When Your Insurance Company Won’t Pay Your Claim

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two agent are offering contract to signtwo agent are offering contract to signA popular national insurance carrier claims that it is “on your side”; another claims that it is “there,” “like a good neighbor.” Sadly, many policyholders have had the unfortunate experience of learning that these cute jingles are not always true. While we are generally unconcerned with how our insurance company handles the claim of someone else who alleges he or she was injured in the same incident as we were (or claims we caused the incident), we are deeply concerned with how our insurance company treats us. After all, we pay our premium, so isn’t our insurance company supposed to work with us and help us after a serious accident?

How an Insurance Company Makes Money

An insurance company is a business, the same as a retailer or other service-related business: in order to continue making a profit, it must regularly take in more money in through premiums than it pays out in claims for compensation (otherwise, the insurer eventually runs out of money). Whenever a claim for compensation is presented, whether from one of its insured or from another person who believes an insured is at fault for causing injury, the insurance company will make a business decision as to whether it is best to pay the claim, deny the claim, or settle the claim for less than is requested.
Just because you are an insured of the company does not mean that the insurer utilizes different options when deciding on a claim you file. Instead, the insurer will still make a determination of whether it will pay the claim, whether it will deny the claim outright, or attempt to settle the claim for a lesser amount. At the core of the matter, the insurer is driven by a cost-benefit analysis: whatever the option is that will resolve your matter the quickest and for the least amount of money is the option the insurer will likely choose (of course, the insurance company will consider other factors like its public image and public relations, the effect of losing you and your family as customers, etc.).

What Should I Do When My Own Insurer Refuses to Pay My Claim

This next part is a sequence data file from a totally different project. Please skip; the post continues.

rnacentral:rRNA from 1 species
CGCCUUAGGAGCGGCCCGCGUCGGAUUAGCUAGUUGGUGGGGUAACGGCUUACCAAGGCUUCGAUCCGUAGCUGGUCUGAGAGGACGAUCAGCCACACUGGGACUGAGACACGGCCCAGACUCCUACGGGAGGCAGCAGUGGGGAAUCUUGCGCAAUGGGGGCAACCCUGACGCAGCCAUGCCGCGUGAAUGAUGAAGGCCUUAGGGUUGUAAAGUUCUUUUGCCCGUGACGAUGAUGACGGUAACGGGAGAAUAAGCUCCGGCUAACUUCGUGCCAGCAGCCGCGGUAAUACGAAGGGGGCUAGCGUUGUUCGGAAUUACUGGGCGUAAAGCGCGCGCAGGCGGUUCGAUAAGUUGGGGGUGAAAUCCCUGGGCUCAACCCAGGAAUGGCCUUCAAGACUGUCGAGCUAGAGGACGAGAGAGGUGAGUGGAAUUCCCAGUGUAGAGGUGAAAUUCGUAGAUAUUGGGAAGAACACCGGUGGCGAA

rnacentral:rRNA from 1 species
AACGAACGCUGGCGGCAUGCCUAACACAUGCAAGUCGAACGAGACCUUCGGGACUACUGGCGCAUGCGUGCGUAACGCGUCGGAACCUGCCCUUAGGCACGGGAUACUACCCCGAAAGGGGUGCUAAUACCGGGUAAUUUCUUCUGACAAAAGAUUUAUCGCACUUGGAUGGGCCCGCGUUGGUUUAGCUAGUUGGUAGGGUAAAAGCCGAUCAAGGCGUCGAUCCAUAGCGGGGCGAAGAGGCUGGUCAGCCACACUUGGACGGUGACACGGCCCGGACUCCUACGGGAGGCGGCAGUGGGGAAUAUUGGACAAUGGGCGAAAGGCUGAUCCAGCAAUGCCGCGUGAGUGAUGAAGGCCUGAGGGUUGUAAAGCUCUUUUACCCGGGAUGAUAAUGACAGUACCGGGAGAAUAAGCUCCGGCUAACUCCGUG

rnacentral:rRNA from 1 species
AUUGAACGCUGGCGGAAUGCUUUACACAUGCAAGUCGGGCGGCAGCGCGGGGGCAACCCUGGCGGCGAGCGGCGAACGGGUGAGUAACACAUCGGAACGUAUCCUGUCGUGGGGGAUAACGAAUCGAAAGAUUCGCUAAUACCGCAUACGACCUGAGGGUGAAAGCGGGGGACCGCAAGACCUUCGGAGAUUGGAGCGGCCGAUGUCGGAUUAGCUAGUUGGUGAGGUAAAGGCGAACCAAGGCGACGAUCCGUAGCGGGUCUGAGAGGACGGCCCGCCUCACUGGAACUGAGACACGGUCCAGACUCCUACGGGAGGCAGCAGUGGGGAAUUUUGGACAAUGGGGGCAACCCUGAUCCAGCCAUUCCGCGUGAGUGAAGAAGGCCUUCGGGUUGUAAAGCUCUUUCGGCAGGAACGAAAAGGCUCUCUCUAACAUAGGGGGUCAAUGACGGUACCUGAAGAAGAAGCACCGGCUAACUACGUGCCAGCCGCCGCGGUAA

It can be frustrating – even shocking and unbelievable – to receive notification from your insurer stating they are denying a claim you submitted. The insurer’s decision may not be final, however. Here’s what you can do:

  • First, reread your policy carefully and make sure that the type of claim you are submitting is covered under the policy.
  • Next, attempt to clarify the reason why your claim was denied. Was it submitted in an improper format? Was the claim submitted too long after the incident?
  • Third, you may attempt to speak to the insurance company yourself and negotiate a settlement by proposing a lower amount or some other resolution to the matter.
  • Finally, hire an experienced attorney to negotiate with the insurance company and, if necessary, file suit against the insurer.

Your insurance policy is a contract between you and the insurer to pay whatever amount you would be entitled to if you took the matter to court. Unfortunately, sometimes insurance companies are not concerned that they will lose anything in court until a claimant hires a lawyer.  If your insurance company is not living up to its end of the contract, contact Greenville attorney David R. Price, Jr. for assistance. He has negotiated numerous successful resolutions to insurance disputes with insurance companies on behalf of their insured but is not afraid to take the insurer to court if necessary. Schedule a free consultation with him by contacting David R. Price, Jr., P.A. at (864) 271-2636 or contacting the office online.

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